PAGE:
The ways Pacific Northwest forests sequester
carbon, respond to pests and may be managed in the future are topics
June 24 and 25 during a review of nearly 10 years of old-growth
research on the Gifford Pinchot National Forest using a towering
25-story construction crane and many decades of work in surrounding
forests of all ages.
Technical presentations June 24 in Stevenson,
Wash., and a field trip June 25 are free and aimed at forestry
professionals interested in management implications
of what's been learned and in suggesting future research using the Wind River
Canopy Crane. See: http://depts.washington.edu/wrccrf/scicon2004.html.
especially for the public is an opportunity to talk one-on-one
with researchers during a poster session and reception June 24
starting at 4 p.m.,
followed by two public lectures at 7 p.m. Sessions June 24 are all at the Rock
Creek Center in Stevenson.
The University of Washington and two arms of the U.S.
Forest Services – the
Pacific Northwest Research Station and the Gifford Pinchot National Forest – partnered
to erect the canopy crane in 1995 in Southwest Washington near Stevenson. Mapping
and basic research started at the site in 1994, and this year marks the 10th
anniversary of science meetings concerning canopy and forest research there.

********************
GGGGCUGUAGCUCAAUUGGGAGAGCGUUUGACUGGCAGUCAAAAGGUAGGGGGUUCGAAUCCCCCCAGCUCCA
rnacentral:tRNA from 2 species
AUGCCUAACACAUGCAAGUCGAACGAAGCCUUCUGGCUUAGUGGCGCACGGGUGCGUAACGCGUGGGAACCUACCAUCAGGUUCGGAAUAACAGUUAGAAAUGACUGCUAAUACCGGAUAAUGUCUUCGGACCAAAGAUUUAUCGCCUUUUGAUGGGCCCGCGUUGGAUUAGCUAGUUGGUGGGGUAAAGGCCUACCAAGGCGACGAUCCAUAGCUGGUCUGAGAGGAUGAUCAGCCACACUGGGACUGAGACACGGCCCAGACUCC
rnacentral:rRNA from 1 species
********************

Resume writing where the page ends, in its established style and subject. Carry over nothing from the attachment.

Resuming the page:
crane is the largest of any of the 11 cranes operating in the world today and
has been used by more than 300 scientists from numerous universities, agencies
and institutions to study how old growth forests function and the implications
for managing forests of many ages including timberlands.
Averaging 25 to 35
projects a year, work using the Wind River Canopy Crane has produced
several hundred publications, the 11 most recent going online
a special issue of "Ecosystems," http://link.springer.de/link/service/journals/10021/index.htm.
using the crane is networked with results from surrounding forests where, since
the 1930s, workers and scientists have conducted hundreds of experiments
and field studies into nursery practices, seedling survival and growth, genetics
and the ecology of Douglas-fir forests.
No sign up is necessary for sessions
June 24 but space is limited on the field trip so reserve a place
by contacting Bob Obedzinski, (360) 891-5114. Contact
Obedzinksi or Sarah Greene, (541)750-7360, with questions about the program.
Contact Annie Hamilton, (509) 427-7028, firstname.lastname@example.org,
with general questions.